Fourier Shell Correlation after phase correction. Solid line: FSC of the GroEL phantom and the volume reconstructed with the phase corrected images using the truly applied CTF. Dashed line: FSC of GroEL phantom and the volume reconstructed with the phase corrected images using the bootstrapped ensemble.

Figure 3

Fourier Shell Correlation after amplitude correction. Solid line: FSC of the GroEL phantom and the volume reconstructed with the amplitude corrected images using the truly applied CTF. Dashed line: FSC of GroEL phantom and the volume reconstructed with the amplitude corrected images using the bootstrapped ensemble. For comparison purposes, the FSC of the phase corrected volume has been added to the plot.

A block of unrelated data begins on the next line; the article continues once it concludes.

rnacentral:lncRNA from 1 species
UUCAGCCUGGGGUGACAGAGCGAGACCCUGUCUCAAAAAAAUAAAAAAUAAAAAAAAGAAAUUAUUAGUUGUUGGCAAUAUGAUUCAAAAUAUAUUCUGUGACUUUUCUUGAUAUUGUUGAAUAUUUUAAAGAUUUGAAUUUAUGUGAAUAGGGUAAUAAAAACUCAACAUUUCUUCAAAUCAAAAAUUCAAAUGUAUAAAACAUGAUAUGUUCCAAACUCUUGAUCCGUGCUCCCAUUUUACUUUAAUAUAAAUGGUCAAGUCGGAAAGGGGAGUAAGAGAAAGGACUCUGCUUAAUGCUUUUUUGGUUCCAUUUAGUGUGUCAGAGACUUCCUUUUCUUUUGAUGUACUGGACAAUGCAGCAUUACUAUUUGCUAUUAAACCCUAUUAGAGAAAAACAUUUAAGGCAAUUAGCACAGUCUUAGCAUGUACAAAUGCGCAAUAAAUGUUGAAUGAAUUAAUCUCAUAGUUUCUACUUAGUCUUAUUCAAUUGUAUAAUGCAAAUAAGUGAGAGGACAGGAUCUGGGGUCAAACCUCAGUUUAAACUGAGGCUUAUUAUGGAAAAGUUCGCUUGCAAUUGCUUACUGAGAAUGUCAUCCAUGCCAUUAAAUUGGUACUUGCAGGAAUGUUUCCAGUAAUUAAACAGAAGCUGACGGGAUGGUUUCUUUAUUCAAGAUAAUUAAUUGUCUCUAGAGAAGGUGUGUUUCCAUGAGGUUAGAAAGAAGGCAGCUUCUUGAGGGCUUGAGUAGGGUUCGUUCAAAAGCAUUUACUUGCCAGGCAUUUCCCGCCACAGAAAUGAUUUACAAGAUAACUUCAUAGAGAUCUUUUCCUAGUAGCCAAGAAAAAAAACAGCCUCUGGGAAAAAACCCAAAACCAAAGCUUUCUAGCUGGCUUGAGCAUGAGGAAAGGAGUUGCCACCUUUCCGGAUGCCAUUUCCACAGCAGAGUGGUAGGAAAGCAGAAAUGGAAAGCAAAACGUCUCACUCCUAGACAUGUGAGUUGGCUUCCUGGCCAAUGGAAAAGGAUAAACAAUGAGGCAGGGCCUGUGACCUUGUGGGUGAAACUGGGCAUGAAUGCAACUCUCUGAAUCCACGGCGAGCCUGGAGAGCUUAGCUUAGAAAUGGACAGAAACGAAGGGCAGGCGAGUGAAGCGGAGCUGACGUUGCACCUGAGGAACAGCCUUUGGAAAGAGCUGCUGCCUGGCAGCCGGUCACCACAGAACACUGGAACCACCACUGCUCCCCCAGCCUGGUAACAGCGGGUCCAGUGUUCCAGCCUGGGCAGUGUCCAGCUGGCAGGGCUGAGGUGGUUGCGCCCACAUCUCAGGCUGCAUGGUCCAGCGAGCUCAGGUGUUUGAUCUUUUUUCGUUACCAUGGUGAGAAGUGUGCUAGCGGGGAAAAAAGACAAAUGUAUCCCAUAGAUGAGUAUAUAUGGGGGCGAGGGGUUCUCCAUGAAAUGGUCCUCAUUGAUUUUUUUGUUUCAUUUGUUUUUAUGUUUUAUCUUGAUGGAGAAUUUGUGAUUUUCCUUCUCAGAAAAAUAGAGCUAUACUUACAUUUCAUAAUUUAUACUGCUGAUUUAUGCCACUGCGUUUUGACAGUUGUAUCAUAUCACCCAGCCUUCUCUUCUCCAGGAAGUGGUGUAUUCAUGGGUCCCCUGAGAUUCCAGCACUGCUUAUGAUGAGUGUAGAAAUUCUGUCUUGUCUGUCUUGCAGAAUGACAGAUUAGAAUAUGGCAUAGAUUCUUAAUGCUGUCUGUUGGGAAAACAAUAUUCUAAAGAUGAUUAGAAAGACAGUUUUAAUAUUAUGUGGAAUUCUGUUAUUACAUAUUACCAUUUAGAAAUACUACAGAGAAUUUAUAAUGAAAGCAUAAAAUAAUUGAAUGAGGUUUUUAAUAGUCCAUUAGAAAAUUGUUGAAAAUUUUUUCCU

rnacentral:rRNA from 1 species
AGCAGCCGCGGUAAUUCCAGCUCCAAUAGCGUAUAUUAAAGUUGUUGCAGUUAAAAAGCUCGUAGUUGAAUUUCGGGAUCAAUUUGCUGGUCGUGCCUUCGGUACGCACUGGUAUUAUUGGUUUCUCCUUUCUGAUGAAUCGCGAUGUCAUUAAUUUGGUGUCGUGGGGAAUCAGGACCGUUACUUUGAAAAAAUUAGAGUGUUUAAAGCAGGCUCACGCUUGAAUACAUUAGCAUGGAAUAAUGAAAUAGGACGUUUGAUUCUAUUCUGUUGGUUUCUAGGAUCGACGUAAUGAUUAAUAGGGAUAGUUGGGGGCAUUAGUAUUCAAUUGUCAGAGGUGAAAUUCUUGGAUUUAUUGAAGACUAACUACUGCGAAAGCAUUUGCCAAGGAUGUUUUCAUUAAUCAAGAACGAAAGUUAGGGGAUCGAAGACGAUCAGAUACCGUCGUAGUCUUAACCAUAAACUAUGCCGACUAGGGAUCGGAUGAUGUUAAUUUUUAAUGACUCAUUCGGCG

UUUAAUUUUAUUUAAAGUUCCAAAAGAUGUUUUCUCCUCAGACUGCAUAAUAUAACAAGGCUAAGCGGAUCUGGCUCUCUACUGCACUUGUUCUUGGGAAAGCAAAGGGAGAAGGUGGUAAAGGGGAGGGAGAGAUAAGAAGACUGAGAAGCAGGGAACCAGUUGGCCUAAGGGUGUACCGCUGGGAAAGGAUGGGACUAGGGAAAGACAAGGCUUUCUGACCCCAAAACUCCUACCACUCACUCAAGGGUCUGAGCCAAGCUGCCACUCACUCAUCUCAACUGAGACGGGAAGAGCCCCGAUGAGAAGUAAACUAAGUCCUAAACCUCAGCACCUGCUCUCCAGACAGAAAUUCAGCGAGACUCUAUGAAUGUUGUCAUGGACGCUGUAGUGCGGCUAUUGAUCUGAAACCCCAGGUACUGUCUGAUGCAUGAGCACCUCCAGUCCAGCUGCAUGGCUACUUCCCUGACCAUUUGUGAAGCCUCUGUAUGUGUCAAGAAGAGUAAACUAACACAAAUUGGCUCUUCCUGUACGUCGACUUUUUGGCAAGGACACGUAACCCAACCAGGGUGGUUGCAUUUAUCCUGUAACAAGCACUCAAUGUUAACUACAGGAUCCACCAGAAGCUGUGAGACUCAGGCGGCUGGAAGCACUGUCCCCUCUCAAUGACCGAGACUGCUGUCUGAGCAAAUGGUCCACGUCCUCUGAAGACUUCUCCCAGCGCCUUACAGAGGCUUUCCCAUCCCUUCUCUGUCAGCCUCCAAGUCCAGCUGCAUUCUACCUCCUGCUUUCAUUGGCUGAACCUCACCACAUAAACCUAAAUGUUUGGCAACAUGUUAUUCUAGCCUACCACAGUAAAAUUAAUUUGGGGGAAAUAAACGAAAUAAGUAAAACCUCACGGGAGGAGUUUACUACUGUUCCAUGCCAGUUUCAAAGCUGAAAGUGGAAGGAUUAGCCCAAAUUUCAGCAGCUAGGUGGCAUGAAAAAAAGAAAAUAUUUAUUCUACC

From the experiments performed, it turns out that the most important parameter when dealing with the CTF is the microscope voltage. This fact will certainly not come to a surprise to any practitioner in the field, but it clearly stress the point that small inaccuracies in its provision (and most CTF estimation algorithms rely on the user providing manually this value rather than automatically calculating it) result in large variations in the CTF related quantities. Since the CTF estimation algorithms try to fit as much as possible the experimentally observed PSD with the theoretically predicted PSD, this probably means that there is the possibility of a strong cross-talking between the microscope voltage and all the rest CTF parameters. Fortunately, the microscope readings of the voltage are valid up to a few tens of Volts (2 ppm/minute in a JEOL 3011) meaning that the accuracy in the estimation of this parameter is well below 0.01%.